I crawl into bed exhausted and thinking about the gun.
My eyes close themselves. I have lost control.
Teeth on teeth, bone on bone, fingers fumbling with copper button, there, slow grating slide, teeth separating, her words going nowhere, buried in him, breathing hard, eyes wide with terror, fingertips grazing trembling lips, tear forms, slides down, forced from within. Faded denim torn away, shoved down, head whips sideways, body follows, dirty tile filling vision. Wrists shatter, bones splintering, iron grip on broken limbs, eyes glaze over, chest hits wall, stomach forced forward, again, again, monster reaching within her. And then...gone. She collapses, twists, back against wall, falls to face him, legs drawn up to chest. Stands over her, looming shadow across her face, zipping, chain tight around his neck, fabric heavy at her knees, head slumps forward, chin to chest. He smiles.
There is no shaking, no sweat, no fear, no sorrow. I have seen this a thousand times. It is nothing new.
I lied. I am afraid, but not of him.
I dress and slip quietly from my room, past my mother's closed door, and descend the concrete stairs.
I retrieve the box and open it. A silver pistol, black matte grip. A .45, I think. It gleams in the harsh light. The safety is on.
The way those action stars handle their guns, you wouldn't guess they're so heavy. Of course, they're fake.
I find the clip release. The magazine, fully loaded, falls into my palm.
I have control. It weighs heavy on my pants, cold against my body, but the sun is warmer. I am almost fifteen minutes early for first period, standing near the door, waiting for Apathy to grab me. It won't, I know. It can't.
Brittany walks by, wearing any expensive-looking khaki jacket, surrounded by friends. I smile. God, she's beautiful. I keep looking around for him, wanting to apologize for getting in his way. I want him to remember, to say that it's okay, no big deal. The biology teacher steps up beside me and unlocks the classroom.
"David, it's good to see you here so early."
"Thank you, sir."
I glance down the hall. Brittany is alone at her locker, loading books into her backpack. Maybe I should talk to her.
She shrugs out of her jacket. Biology book slips from my hands.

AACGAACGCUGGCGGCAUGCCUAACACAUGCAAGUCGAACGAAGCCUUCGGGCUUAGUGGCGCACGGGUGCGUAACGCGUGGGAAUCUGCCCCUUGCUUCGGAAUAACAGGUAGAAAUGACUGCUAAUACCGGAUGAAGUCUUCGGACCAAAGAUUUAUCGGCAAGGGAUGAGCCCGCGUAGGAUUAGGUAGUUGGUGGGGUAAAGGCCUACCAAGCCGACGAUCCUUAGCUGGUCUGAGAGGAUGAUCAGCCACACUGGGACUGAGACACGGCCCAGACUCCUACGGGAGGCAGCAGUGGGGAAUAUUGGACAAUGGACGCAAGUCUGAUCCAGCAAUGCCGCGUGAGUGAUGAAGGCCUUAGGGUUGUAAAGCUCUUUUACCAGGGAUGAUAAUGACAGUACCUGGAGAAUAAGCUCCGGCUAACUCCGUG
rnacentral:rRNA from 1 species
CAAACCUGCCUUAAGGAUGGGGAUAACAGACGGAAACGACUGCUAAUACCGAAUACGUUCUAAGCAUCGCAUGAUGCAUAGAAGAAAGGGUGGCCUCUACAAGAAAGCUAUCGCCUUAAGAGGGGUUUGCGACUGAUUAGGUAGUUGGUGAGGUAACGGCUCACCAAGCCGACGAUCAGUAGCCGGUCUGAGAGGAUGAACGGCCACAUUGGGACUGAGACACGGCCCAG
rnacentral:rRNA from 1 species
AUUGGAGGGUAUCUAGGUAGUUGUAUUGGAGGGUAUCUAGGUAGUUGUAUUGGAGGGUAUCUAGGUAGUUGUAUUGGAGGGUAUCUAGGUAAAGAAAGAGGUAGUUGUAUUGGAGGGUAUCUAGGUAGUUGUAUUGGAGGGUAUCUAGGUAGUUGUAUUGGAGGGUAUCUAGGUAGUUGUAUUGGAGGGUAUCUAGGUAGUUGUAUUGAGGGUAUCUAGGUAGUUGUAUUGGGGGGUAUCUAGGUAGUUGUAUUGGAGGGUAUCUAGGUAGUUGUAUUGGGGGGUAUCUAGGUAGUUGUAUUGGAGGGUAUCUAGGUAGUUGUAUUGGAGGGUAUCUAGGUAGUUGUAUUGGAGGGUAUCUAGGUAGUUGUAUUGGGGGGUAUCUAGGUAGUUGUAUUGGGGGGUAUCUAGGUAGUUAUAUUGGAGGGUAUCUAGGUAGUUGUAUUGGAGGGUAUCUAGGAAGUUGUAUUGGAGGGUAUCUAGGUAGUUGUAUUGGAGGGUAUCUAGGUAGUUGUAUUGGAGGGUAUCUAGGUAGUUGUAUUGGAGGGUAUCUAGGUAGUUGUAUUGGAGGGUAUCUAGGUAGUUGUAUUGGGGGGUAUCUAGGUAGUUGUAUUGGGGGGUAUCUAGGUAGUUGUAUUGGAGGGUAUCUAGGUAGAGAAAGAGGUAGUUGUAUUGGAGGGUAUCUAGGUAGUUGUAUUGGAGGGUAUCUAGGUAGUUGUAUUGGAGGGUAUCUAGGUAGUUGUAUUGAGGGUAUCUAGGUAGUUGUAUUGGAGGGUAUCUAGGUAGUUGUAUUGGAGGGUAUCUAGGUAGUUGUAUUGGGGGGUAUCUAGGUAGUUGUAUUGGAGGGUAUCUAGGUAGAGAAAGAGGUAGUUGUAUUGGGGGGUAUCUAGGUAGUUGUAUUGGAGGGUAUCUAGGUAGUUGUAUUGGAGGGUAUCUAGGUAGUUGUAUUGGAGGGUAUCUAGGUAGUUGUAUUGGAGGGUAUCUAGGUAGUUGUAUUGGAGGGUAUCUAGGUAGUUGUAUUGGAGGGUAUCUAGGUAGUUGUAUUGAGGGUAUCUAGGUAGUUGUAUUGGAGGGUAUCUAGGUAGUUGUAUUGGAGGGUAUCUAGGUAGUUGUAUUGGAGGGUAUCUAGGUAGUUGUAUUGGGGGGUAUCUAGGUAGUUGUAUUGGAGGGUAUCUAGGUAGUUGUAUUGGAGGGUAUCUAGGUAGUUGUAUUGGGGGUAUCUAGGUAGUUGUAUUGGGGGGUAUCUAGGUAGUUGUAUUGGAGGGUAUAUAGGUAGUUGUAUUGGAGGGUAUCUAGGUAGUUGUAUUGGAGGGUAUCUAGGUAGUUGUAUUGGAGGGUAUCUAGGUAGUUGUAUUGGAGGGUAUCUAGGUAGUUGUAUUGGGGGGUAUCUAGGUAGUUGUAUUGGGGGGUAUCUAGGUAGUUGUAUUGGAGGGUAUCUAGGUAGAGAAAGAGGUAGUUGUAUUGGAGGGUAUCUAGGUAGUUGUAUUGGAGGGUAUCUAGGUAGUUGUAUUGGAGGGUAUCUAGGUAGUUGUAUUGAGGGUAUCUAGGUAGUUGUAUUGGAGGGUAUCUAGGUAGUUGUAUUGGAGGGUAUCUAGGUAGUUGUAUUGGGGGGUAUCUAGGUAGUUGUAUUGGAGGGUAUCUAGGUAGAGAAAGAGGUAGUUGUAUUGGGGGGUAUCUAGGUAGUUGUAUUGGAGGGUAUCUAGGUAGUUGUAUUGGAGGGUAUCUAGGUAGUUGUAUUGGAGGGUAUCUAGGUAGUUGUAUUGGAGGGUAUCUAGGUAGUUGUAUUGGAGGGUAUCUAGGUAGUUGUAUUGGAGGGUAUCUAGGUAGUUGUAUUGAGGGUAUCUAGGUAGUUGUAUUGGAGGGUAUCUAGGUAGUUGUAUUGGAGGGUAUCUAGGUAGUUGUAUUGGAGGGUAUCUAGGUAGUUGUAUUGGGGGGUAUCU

It hits the polished floor. Someone giggles. I am frozen, blinded by the color. She looks back at me, then turns away. Everyone goes back to ignoring me. She disappears into the bathroom.
The bell rings, everyone scatters frantically, leaving the hallway almost empty.
I am so still, so shocked, that I barely notice him.
He stands in the middle of the hall, dark eyes staring at me, then at the bathroom. He is bigger than I remember, black jacket covering strong broad shoulders. He is wearing the same tight gold chain. He is waiting for me to leave.
I pull the gun from my belt and point it at him.
His eyes widen, mouth opens to speak. I pull the trigger.
I have never fired a gun before. It is louder than on TV. It kicks back in my hand, my head turns away involuntarily, but I see a spray of red. I hear him fall. Someone in a classroom screams. I am dizzy, ears ringing, but I hear her, a noise from behind, a whimper. I turn. Brittany, pressing herself against a wall, pale and trembling.
My body doesn't want to move, but I manage the choke out the most beautiful thing I have ever said.
But there is no gratefulness in her eyes, no understanding. Only terror. She inches away slowly, eyes locked on the gun. Why doesn't she understand?
It doesn't matter.
The gun is warm, heavy in my hand. I am tired of waking up afraid.
I am tired.
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Author's Note: This piece, despite its extreme unoriginality, is a step in a new direction for me, as it is the first piece I have written that was consciously inspired by outside sources. In chronological order, these sources are:
1) "I Am the Killer" by Thursday, from their (ridiculously awesome) album Full Collapse.
2) Speak, the darkly humorous YA novel by Laurie Halse Anderson.
3) Donnie Darko (2001)
4) "Cecily" by Whisper2theWater (userid: 258448 )